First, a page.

Joshua Davis v. State SC20-1282

– Summary by Sofia Azpurua

The Florida Supreme Court examines whether when a criminal defendant asserts that the
trial court erroneously denied a motion to disqualify the trial judge for alleged bias or prejudice,
should an appellate court review the erroneous denial for harmless error and, if so, what harmless
error test should the appellate court apply. The question was certified by the Second District Court
of Appeals as a question of great public importance.

Joshua Davis was indicted by a grand jury on two counts of first-degree murder, one count
of attempted first-degree murder, and one count of child abuse after he shot three coworkers in the
presence of his seventeen-year-old daughter. The case was scheduled before Judge Donald
Jacobsen, who had ruled on all pretrial matters. Judge Jacobsen announced he would be leaving
the capital felony division and his replacement was Judge Jalal Harb. Davis moved for Judge
Jacobsen to remain on the case because Judge Harb had been a prosecutor in the homicide division
of the state attorney’s office while Davis’ case was pending. Judge Jacobsen denied Davis’ motion
but clarified that this did not prejudice Davis’ right to file a motion to disqualify Judge Harb. Davis
moved to disqualify him under section 38.10 of the Florida Statutes and Florida Rule of Judicial
Administration 2.330(e)(1). Judge Harb denied the motion as legally insufficient and Davis did
not file a petition for writ of prohibition. Upon being convicted, Davis moved for a new trial
arguing, among other things, that Judge Harb showed bias in his rulings toward the State; Judge
Harb denied the motion for a new trial. On appeal, the question before the Second District was
whether the allegations of the disqualification motion were legally sufficient to show a reasonable
fear that Davis would not receive a fair trial and thus, require that Judge Harb recluse himself. The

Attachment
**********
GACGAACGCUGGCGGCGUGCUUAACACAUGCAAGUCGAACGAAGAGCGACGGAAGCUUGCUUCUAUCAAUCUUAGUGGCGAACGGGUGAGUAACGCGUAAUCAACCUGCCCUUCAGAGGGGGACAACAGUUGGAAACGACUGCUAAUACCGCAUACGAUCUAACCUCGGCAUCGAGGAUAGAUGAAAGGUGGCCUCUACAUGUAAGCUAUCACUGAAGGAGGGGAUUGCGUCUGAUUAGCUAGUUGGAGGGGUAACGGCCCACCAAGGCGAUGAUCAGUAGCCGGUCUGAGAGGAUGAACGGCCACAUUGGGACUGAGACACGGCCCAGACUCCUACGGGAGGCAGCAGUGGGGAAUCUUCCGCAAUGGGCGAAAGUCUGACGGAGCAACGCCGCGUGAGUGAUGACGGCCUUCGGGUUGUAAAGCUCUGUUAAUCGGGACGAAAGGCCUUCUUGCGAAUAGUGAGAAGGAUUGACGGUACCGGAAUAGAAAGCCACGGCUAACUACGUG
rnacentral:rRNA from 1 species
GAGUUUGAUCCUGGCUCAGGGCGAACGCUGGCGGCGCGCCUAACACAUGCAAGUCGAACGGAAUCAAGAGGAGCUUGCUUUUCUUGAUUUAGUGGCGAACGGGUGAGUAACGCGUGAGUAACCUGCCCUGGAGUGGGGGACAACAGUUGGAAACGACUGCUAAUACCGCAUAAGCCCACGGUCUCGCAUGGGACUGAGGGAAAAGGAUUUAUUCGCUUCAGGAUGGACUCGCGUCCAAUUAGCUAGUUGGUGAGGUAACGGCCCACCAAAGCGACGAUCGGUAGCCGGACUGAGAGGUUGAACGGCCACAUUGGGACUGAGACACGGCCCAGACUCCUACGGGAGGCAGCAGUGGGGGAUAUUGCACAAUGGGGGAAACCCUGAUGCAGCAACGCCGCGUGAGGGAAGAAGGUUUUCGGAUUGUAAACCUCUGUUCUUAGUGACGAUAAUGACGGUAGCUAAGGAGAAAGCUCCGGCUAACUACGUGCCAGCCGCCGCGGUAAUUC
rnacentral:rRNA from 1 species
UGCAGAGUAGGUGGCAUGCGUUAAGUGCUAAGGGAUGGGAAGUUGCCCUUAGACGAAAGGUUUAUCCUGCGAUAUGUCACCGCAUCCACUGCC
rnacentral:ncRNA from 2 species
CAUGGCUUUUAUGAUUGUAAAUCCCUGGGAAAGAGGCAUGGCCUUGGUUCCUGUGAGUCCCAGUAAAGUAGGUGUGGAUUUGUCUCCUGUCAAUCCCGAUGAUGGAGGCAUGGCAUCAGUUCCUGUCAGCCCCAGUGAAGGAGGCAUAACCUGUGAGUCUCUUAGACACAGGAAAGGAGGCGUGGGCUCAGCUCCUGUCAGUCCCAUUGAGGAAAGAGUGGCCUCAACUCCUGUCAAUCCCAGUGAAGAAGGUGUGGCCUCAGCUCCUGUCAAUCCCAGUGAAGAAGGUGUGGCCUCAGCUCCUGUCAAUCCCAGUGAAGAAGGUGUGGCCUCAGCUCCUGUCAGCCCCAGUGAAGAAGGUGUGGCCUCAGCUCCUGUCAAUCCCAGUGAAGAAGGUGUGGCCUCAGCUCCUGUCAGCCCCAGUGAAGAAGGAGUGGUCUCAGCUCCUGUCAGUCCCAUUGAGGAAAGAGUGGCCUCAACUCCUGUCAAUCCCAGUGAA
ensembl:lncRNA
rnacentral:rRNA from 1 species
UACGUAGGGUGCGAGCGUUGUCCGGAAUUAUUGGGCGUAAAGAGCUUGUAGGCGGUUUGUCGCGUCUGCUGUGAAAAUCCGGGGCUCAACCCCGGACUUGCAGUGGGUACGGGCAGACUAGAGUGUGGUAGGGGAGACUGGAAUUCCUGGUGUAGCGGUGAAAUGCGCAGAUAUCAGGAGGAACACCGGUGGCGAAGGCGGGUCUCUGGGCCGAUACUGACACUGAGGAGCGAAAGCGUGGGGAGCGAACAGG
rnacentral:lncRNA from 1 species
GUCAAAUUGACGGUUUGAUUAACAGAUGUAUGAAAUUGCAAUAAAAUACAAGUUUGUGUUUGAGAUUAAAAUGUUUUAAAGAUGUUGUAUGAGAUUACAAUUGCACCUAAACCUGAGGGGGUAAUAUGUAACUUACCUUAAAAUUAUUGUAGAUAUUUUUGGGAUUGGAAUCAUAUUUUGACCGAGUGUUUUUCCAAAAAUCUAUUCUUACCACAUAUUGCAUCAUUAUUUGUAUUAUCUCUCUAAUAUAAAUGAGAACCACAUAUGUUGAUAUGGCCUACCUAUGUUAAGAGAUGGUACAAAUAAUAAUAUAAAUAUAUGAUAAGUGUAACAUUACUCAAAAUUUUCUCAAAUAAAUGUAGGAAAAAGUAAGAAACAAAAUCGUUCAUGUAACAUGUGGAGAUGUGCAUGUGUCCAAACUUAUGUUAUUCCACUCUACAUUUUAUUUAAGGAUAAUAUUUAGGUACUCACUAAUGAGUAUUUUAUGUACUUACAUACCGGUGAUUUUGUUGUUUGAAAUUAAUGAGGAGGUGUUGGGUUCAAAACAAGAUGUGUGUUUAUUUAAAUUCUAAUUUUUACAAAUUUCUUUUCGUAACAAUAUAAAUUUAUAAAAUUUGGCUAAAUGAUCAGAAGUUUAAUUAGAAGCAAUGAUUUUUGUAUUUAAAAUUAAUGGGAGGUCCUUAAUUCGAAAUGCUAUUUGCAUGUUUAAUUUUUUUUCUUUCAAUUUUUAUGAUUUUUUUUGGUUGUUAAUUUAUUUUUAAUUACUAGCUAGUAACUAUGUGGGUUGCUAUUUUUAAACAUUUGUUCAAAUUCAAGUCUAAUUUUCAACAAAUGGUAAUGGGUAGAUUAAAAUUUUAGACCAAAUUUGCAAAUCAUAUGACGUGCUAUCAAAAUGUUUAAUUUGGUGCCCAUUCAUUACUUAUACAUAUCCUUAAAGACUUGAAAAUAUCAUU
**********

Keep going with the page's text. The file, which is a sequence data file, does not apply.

Second District found that Davis’ motion was legally sufficient and should have been granted
relying on Reed v. State. The Second District reasoned that DiGuilio’s harmless error test was an
“awkward fit,” and unproductive to use when the error was not tied to the jury’s factfinding

The Supreme Court agrees with the Second District that Davis’ motion for disqualification
was legally sufficient. The Court also agrees with the conclusion that the erroneous denial of the
motion for disqualification is not reversible error per se. The classes of error the Court treats as so
categorically harmful as to always require reversal, are few. The Court defaults to the harmless
error test and reserves a per se rule lonely for those errors that always vitiate the right to a fair trial
and therefore are always harmful. If the appellate court cannot say beyond a reasonable doubt that
the error did not affect the verdict, then the error is considered harmful. Per se errors generally fall
into two categories. First, when application of the harmless error test to the type of error involved
will always result in a finding that the error is harmful, then it is proper to categorize the error as
per se reversible. Second, the Court has also applied the per se reversible error rule to those cases
where the appellate court is unable to conduct a harmless error analysis because it would have to
engage in pure speculation in order to determine the potential effect of the error on the jury. The
alleged error in this case does not require the court to engage in pure speculation to determine the
potential effect of the error on the jury; the result of the alleged error is in the trial record. Judge
Harb made several consequential decisions that could have altered the outcome of the trial. Most
notably, Davis’ alternative theory of defense at trial was that he suffered a preexisting mental
disease or infirmity. Under that standard, the Court concluded harmful error occurred and
remanded for a new trial.